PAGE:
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Beat Insomnia by Practicing Sleep Hygiene

If you’re battling insomnia, you know it makes everything else in your life worse.

You can only sustain the lack of sleep for so long before it catches up with you, making everyone and everything around you pay the price. Your health suffers, your work suffers, your family and friends suffer, and your physical and mental health decline.

If you’re fighting insomnia and you find yourself longing for the nights when you slip into the cool sheets of your bed and drift easily off to sleep, there is hope. At Arlington Family Practice, we’ve helped many patients beat insomnia by practicing good sleep hygiene.

Here are a few tips on how to set yourself up for success when it comes to your sleep hygiene:

Build an environment conducive to sleeping

Let’s start with your environment. Your bedroom should be calm, inviting, and relaxing. Choose a high-quality mattress and pillow so you’re starting from a good foundation, and buy bedding that fits your preferences (skip the cheap sheets). 

Keep the temperature cool (around 65-70 degrees), block out light with blackout shades, and use ear plugs or a white noise machine to drown out sounds that might otherwise bother you.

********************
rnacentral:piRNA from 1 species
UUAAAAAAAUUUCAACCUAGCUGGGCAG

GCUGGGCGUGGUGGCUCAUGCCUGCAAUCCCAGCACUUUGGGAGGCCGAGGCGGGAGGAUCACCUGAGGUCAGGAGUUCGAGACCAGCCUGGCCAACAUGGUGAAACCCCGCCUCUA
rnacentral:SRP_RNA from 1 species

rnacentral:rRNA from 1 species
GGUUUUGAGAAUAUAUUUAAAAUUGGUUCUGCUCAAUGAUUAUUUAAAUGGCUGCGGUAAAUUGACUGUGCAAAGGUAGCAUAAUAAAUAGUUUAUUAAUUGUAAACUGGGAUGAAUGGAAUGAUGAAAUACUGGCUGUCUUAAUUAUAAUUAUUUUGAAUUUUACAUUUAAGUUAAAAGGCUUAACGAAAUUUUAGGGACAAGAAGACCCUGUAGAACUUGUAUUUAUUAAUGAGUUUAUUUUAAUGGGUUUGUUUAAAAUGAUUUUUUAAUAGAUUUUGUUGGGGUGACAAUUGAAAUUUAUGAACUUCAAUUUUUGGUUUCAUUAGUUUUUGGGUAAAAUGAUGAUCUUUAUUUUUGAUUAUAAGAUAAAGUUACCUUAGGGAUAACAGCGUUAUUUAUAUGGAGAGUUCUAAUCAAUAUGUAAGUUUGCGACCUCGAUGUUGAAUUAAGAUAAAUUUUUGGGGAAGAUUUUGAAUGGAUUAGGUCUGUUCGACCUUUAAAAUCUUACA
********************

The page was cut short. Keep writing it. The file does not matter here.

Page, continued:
Develop a pre-sleep routine

Once you have a great place to sleep, develop a consistent routine that gets you to that spot without even thinking. Follow the same steps in the same order every night so your brain begins to realize that it’s almost time for bed once you start doing these things.

Your routine should include a fixed bedtime and wake-up time to get your body into the rhythm of sleeping each night. You should also build in 30-60 minutes of device-free time before bed.

Screens cause mental stimulation and also give off blue light that decreases your melatonin production, making it more difficult for you to go to sleep. Try reading a physical book instead.

Eat and exercise early

Exercise is a great way to fall asleep faster and sleep more soundly, as long as you finish at least three hours before bedtime. 

Exercise signals your body to release cortisol, a stress hormone that keeps you on alert. This is great when you’re exercising, but not so great when you’re trying to fall asleep.

In the same way, don’t eat a large amount of food just before bedtime. This could cause indigestion, which in turn keeps you awake. If you do get hungry before bed, eat foods that help you sleep, such as carbohydrates.

You should also avoid caffeine in the afternoon and evening so it won’t keep you up later in the night.

Building healthy sleep habits such as these go a long way toward beating insomnia. If you’re still struggling and are ready for some help confronting the problem, call the expert team at Arlington Family Practice in Arlington, Massachusetts, or book an appointment online

We’ll have you sleeping all night long before you know it!

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